Ancient Fossils Of Worm : Scientist Discovers Two New Species Of Worm Fossils Dated 400 Million Year Old With Armored Skeleton

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Scientists have discovered two new species of insects in Australia that are about 400 million (400 million) years old. An international team of scientists from the US and Australia, led by Sarah Jacquet at the University of Missouri, has achieved this success. The names of these species are Lepidocolius caliburnus and Lepidocolius shurikensah. Using the micro-CT imaging capabilities of the MU X-ray Microanalysis Core Facility, researchers have created 3D-models of the shell plates of ancient insects.

The armored skeletons of ancient insects are called ‘macheridians’. Jacquet, assistant professor of geological sciences in the MU College of Arts and Science, believes the study will help scientists learn more about how biological biological armored systems work throughout the fossil record. He said that by using micro-whistles, we can make different parts of the armor.
Discovery: Scientists found the fossil of the first animal to live on land
gradually disappeared armor
Jacquet said this would help us learn more about how this armor protected the insects, which unfortunately disappeared during the extinction of the fossil record. Similarly, last year scientists found fossils of a millipede that lived 425 million years ago in Scotland. It was believed that it was one of the first animals to live on land. After this, animals have been developing on the earth.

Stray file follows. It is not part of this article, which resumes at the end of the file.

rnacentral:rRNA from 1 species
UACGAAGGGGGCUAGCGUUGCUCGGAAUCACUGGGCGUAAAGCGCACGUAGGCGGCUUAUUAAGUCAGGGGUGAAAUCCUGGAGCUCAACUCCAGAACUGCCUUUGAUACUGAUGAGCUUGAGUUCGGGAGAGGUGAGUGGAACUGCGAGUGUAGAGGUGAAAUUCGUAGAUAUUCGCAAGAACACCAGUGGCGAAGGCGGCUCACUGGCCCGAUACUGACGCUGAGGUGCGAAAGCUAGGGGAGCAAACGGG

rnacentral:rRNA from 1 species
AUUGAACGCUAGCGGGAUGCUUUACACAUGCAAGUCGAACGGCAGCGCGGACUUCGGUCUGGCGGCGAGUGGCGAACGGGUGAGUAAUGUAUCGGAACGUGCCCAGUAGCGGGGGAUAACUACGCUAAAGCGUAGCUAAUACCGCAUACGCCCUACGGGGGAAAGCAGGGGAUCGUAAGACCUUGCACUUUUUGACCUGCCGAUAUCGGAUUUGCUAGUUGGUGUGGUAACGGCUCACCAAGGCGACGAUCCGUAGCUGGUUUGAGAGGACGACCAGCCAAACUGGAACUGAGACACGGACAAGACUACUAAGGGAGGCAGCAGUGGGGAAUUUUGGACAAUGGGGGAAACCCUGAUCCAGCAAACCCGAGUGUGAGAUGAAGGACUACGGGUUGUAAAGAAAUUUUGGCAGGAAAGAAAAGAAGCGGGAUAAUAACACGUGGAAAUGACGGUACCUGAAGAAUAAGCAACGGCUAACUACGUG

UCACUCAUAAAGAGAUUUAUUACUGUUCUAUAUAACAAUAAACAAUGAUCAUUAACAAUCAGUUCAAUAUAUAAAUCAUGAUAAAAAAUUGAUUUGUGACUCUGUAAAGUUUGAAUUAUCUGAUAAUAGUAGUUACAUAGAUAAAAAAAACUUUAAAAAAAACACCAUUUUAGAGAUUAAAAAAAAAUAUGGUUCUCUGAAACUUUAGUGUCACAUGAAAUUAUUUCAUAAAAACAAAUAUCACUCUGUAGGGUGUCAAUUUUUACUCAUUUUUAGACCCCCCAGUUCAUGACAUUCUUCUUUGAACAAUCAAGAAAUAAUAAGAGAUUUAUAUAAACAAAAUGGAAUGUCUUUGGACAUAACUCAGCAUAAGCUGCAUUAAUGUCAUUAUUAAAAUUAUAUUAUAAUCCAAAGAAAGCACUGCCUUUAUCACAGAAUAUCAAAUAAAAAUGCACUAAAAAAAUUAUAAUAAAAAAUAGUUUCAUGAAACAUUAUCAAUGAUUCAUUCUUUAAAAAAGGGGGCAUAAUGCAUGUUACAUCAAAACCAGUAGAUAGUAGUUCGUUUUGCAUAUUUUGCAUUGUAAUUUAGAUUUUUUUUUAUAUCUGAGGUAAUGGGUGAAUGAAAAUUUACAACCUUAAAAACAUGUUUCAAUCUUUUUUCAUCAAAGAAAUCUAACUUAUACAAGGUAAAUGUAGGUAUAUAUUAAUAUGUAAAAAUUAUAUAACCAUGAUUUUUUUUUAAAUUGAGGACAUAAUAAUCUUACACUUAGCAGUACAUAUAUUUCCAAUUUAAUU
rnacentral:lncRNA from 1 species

Earth’s first insect fossil
The fossil of a millipede named Kampecaris obanensis was found on the island of Carrera in the Scottish Inner Hebrides. They lived around rotting plants on the banks of lakes. These were similar to millipedes found today but were not their ancestors. Its legs have not been found in fossils. It is believed that they fall under the category of arthropods, which had insects, spiders, crabs etc.


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